Black Spider Monkey
Only surpassed by the gibbons for grace and agility in the trees, the black spider monkey, with its extremely long limbs and tail, is the most adept and acrobatic of all New World monkeys. This species is light in build, with a small head. The spider monkey has the most highly developed prehensile tail of all mammals and uses it as a fifth limb to grasp branches or food items as it moves through the trees. The monkey’s whole weight can be supported by the tail, and when hanging by the tail with the long arms outstretched it has an amazing reach. Part of the underside of the tail nearest the tip is naked and patterned with fine grooves, resembling human fingerprint patterns. These increase friction and thus aid grip.
Spider monkeys frequently swing through the trees, using their hands like hooks to hang on to the branches. The hands are accordingly modified, with long, curved digits and only vestigial thumbs. While this structure makes the hands ideal for swinging in trees, it impedes delicate manipulation of food, but the monkey often uses its highly sensitive tail in order to gather food and to hold items, such as fruit, while it takes off the skin with its teeth.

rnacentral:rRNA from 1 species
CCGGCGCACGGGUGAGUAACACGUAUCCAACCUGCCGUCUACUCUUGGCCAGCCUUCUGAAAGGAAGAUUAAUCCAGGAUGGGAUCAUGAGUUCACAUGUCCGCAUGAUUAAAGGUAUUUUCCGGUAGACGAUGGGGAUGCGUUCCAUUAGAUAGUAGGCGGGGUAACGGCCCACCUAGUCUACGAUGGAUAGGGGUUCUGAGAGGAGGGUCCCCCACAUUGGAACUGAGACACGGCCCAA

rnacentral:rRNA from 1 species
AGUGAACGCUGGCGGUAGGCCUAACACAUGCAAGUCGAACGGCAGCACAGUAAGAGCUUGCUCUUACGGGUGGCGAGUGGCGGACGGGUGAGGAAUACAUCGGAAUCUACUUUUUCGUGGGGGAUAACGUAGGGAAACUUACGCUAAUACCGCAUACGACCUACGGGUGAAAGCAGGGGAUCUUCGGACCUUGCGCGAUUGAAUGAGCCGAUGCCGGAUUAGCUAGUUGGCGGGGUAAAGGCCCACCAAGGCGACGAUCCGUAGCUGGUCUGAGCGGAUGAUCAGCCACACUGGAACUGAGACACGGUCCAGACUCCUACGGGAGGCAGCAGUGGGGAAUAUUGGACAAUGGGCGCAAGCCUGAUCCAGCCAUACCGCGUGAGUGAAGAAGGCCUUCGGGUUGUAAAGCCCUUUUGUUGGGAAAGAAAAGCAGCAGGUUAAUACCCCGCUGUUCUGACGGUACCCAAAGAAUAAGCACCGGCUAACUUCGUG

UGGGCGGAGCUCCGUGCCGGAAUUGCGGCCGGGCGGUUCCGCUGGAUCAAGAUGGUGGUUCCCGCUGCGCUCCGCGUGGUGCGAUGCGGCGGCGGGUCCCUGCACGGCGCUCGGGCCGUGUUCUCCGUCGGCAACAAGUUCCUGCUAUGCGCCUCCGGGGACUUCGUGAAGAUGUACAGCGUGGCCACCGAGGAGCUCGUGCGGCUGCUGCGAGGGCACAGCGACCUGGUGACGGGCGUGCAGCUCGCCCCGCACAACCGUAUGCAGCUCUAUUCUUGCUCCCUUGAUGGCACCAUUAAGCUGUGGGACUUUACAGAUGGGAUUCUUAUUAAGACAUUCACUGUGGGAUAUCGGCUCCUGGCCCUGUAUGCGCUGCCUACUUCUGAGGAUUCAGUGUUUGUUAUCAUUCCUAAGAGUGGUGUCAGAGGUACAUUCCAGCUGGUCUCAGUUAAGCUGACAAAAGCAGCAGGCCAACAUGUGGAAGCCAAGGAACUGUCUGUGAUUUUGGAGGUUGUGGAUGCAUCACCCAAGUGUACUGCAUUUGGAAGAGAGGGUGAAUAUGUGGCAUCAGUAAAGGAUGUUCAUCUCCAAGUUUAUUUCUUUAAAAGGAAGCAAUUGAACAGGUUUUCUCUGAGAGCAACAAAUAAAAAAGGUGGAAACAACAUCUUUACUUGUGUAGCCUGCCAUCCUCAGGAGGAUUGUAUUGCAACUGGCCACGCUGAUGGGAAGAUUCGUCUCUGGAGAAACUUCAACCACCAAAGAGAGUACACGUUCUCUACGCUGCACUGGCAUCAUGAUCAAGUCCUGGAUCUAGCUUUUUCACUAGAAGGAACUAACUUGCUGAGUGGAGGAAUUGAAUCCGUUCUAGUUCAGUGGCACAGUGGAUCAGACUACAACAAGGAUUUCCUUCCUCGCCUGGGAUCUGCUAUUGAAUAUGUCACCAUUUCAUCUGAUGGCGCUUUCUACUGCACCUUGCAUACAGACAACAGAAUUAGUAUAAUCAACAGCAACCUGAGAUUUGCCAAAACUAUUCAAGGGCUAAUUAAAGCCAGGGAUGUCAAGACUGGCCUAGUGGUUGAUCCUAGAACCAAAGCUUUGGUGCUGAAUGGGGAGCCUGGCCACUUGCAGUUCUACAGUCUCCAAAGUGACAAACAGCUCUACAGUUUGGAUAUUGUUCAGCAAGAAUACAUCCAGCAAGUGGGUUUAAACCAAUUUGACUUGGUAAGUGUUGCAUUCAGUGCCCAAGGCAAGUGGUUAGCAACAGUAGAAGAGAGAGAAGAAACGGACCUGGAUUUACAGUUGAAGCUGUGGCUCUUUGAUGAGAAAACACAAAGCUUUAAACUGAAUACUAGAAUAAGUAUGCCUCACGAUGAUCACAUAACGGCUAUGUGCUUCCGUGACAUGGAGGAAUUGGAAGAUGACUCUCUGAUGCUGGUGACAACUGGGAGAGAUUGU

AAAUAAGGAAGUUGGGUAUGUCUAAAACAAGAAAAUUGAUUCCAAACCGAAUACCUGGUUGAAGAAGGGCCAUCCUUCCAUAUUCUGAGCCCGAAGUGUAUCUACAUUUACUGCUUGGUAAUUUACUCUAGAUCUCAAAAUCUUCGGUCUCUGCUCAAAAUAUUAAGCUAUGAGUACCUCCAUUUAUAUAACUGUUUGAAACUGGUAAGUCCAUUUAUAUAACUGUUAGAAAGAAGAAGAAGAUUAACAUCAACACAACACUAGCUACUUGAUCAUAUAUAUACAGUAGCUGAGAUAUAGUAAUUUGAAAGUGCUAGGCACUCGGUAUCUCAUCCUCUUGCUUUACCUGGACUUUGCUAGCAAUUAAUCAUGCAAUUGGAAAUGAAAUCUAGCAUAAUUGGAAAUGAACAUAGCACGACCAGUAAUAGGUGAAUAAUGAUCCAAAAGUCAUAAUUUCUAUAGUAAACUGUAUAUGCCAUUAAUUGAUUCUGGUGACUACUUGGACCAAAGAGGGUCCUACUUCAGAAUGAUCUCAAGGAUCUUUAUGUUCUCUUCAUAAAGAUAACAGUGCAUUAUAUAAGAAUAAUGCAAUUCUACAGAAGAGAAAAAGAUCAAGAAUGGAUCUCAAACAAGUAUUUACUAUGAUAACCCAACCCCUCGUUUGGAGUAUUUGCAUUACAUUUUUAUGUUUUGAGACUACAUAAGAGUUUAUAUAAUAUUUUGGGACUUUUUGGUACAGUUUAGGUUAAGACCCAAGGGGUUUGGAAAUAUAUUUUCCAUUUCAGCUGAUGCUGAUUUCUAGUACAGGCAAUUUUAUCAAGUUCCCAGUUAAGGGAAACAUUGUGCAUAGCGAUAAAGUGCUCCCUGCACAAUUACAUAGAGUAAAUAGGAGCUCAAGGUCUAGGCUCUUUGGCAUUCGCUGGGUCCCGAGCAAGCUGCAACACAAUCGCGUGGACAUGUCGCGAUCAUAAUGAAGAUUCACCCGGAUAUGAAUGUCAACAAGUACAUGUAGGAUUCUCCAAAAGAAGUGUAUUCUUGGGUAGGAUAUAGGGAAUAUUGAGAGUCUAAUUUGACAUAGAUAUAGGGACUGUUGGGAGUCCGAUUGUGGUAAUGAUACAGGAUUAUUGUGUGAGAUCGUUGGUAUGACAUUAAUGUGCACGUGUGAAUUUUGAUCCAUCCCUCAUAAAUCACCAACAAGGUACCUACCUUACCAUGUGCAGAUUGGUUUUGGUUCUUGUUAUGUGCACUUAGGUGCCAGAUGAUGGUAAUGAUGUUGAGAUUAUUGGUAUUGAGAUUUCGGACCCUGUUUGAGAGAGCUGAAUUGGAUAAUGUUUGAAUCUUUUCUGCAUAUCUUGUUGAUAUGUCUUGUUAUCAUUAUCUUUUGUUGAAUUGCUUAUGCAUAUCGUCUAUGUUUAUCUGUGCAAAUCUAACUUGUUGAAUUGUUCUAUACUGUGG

Black spider monkeys rarely come to the ground. They feed in the trees, mainly on fruit and some nuts. They live in groups of 15 to 30 animals in a home range, but a group may split into smaller parties while foraging during the day. Most feeding is done in the early morning and the afternoon.
The female gives birth to 1 young after an average gestation of about 20 weeks. The young is dependent on its mother for 10 months or so.
Range: N. South America to Brazil and Bolivia.
Size: Body: 15 3/4 - 23 1/2 in (40 - 60 cm). Tail: 23 1/2 - 31 1/2 in (60 - 80 cm).